Karoleann Wed 13-Jul-16 08:28:34

OP - never believe anything you read on the internet (or DM) without checking it out first. This is the original paper submitted to the BMJ which shows NO increased risk of still birth in over 20,000 women after whopping cough vaccine.
www.bmj.com/content/349/bmj.g4219

Your DD probably just has a cough, but keep an eye on it.

wfrances Wed 13-Jul-16 08:50:42

your not immune for life if you've had it once.
i had it 1979 and again in 2014 .
gp said theres more and more people having it second time round with most people getting it again 30 + years later ,so your immune system either does not recognise it after 30 + years or the whooping cough strain is different.
my children 12,19,and 17 were not at risk as they were vaccinated and gp said that would hold and it did.
it is very contagious and according to public health i must have picked mine up from the gps surgery as that was the only link .

wfrances Wed 13-Jul-16 09:02:38

forgot to add
op -whats your daughters eyes like??
i had terrible scratchy sore red watering eyes the first 2 weeks.
talk it over with your gp or midwife ,they should know the risks at this time of year and if anyone in the locality has it(its certifiable)

wfrances Wed 13-Jul-16 09:04:37

sorry supposed to be notifiable not certifiable -

Wibblewobble100 Wed 13-Jul-16 09:15:50

Vaccination of pregnant women for pertussis was introduced because we are seeing more cases and whooping cough makes SOME very young babies extremely sick where as older children are generally less unwell. The whooping cough vaccine wains after 7 years or so, so older kids less protected even if immunised. Research paper PP linked to shows it's as safe as can be. OP the chances your older daughter has whooping cough, and the chance of your baby getting it, and getting very sick are slim, but in general I think the benefits of vaccine still out weigh the risks... So if it was still possible to get a booster I'd seriously consider it.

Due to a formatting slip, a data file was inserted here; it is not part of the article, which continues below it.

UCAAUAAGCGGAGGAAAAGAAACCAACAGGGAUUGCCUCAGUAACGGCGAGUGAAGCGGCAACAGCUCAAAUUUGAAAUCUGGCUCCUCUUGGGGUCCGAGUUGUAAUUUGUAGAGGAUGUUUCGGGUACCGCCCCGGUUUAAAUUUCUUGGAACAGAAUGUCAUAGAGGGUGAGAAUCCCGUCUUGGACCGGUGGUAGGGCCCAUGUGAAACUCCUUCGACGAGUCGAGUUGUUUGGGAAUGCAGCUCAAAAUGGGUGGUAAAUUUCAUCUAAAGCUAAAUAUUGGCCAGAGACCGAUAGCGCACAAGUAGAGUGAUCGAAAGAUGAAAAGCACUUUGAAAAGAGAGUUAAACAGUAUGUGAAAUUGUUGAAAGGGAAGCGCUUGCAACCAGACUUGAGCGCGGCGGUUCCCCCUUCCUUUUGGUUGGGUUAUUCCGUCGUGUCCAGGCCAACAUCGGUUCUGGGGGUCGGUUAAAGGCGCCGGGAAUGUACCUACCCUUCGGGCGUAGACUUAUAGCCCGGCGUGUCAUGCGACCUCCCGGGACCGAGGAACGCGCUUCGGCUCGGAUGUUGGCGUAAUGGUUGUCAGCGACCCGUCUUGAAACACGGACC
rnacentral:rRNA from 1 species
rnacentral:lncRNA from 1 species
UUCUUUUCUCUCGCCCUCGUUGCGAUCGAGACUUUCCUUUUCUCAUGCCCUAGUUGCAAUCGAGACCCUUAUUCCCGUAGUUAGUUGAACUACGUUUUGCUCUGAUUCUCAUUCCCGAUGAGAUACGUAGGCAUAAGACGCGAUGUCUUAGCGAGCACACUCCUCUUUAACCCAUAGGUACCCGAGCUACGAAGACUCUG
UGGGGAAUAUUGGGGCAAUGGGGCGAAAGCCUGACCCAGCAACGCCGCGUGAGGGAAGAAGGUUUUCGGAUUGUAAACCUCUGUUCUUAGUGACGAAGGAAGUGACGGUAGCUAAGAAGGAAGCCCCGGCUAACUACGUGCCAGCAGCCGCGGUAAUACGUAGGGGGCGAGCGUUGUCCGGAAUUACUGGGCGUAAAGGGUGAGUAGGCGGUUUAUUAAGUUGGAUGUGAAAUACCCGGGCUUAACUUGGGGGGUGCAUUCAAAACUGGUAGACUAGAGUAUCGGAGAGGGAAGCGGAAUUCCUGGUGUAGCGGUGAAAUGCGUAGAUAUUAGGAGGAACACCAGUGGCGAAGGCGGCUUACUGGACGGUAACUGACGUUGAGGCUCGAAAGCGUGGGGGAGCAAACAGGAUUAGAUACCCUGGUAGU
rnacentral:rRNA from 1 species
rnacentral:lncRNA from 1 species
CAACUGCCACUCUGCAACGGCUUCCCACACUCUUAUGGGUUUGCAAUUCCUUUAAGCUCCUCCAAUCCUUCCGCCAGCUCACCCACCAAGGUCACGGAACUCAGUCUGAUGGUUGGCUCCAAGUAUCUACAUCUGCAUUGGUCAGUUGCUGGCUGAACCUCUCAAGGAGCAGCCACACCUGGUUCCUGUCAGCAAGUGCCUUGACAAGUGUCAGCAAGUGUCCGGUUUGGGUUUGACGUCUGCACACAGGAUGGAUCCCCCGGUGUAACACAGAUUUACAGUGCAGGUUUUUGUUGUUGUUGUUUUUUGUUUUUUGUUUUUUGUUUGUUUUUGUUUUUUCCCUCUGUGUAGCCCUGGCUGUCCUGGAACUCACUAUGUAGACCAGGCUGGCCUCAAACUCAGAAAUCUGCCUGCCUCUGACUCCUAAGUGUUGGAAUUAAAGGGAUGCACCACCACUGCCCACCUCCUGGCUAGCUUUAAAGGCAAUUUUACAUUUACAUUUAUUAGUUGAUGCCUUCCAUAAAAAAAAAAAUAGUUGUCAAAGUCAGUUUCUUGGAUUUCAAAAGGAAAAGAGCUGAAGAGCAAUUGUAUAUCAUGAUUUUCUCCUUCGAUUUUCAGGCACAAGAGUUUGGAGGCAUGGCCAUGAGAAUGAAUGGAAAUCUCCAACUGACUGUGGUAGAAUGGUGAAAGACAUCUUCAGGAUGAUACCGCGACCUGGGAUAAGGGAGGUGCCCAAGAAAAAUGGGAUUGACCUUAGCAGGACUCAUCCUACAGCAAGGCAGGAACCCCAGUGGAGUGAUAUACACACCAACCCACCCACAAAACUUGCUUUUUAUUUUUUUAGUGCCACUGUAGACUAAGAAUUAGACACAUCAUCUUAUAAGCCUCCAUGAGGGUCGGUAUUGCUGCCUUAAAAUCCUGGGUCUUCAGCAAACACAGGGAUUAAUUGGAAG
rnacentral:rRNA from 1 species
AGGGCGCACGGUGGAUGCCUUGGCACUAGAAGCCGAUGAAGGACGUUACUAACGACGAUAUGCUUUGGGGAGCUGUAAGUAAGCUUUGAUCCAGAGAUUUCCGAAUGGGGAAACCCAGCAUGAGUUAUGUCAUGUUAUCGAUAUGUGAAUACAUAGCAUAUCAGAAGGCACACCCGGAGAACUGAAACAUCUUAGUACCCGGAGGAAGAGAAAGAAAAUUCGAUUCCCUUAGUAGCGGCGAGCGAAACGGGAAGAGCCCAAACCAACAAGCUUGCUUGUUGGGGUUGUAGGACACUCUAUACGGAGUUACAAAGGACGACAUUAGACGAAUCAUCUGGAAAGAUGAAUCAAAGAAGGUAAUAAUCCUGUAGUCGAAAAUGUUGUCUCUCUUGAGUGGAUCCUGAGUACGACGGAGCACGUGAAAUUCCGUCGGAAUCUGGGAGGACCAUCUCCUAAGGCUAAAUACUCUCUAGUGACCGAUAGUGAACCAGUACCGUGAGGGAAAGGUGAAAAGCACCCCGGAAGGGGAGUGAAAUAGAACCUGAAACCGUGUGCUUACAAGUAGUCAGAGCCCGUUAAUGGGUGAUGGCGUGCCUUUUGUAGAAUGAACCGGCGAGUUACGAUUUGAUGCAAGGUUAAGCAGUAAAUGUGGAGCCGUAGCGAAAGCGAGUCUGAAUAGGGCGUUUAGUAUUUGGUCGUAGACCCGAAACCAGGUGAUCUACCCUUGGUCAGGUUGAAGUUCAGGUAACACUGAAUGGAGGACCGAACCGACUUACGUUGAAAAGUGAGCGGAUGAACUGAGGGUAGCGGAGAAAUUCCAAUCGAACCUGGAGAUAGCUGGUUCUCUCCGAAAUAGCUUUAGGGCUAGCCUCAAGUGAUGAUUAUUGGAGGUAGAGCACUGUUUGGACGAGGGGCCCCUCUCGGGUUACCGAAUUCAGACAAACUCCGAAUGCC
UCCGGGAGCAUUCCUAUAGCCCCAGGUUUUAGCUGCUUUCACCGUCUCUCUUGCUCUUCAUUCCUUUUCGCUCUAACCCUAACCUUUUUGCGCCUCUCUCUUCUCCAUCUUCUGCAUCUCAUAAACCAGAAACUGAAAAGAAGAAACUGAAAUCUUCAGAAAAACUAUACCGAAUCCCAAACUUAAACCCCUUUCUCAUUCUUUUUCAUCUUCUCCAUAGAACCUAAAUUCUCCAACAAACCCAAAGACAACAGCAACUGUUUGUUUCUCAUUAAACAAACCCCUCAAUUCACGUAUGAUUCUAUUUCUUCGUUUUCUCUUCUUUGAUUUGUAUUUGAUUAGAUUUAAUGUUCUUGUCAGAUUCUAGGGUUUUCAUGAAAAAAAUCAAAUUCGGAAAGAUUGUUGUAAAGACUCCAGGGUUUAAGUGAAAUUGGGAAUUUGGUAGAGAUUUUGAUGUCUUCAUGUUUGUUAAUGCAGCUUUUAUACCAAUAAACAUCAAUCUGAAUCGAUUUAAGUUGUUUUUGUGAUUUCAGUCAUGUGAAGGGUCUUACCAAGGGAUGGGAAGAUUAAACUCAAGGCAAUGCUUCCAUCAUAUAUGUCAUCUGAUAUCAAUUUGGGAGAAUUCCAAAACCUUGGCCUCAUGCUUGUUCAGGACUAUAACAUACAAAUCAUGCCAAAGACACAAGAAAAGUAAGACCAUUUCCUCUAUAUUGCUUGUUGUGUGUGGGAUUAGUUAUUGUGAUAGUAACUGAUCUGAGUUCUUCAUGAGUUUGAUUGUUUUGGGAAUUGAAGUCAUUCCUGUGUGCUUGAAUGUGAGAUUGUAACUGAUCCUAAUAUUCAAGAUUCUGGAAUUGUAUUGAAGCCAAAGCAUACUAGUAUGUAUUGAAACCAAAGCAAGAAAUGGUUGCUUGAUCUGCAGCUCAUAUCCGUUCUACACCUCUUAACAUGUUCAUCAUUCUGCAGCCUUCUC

Kitkatmonster Wed 13-Jul-16 09:19:26

You have chosen not to have it. You need to own that decision, worrying about whether your child's cough is whooping cough suggests you are not completely comfortable with your choice.

I debated whether or not to have the jab, I researched various things - read a lot of information online but stayed away from forum posts and silly stories, I wanted fact and research. I made an appointment and didn't have the jab, I discussed it with the nurse instead and took the patient info leaflet home to read and digest (it's now boostrix btw so the previous info about repevax is not relevant) and then made my decision. My point is, when you are making a choice and it is a choice, no one can force you either way, it is down to you to determine what you need to know to be able to make it in an informed way and then go and get that info. If you aren't 100% comfortable with your decision you need to find out more.

HappyHeart87 Wed 13-Jul-16 09:23:53

Just recovering from DD's whooping cough here. 4 horrid months and she was fully vaccinated.

It's very important to know that a large proportion of whooping cough cases, particularly in very young children, do NOT have the characteristic 'whoop'. An absence of the 'whoop' doesn't mean that it isn't pertussis. My daughter didn't 'whoop' once in the 4 months of the illness.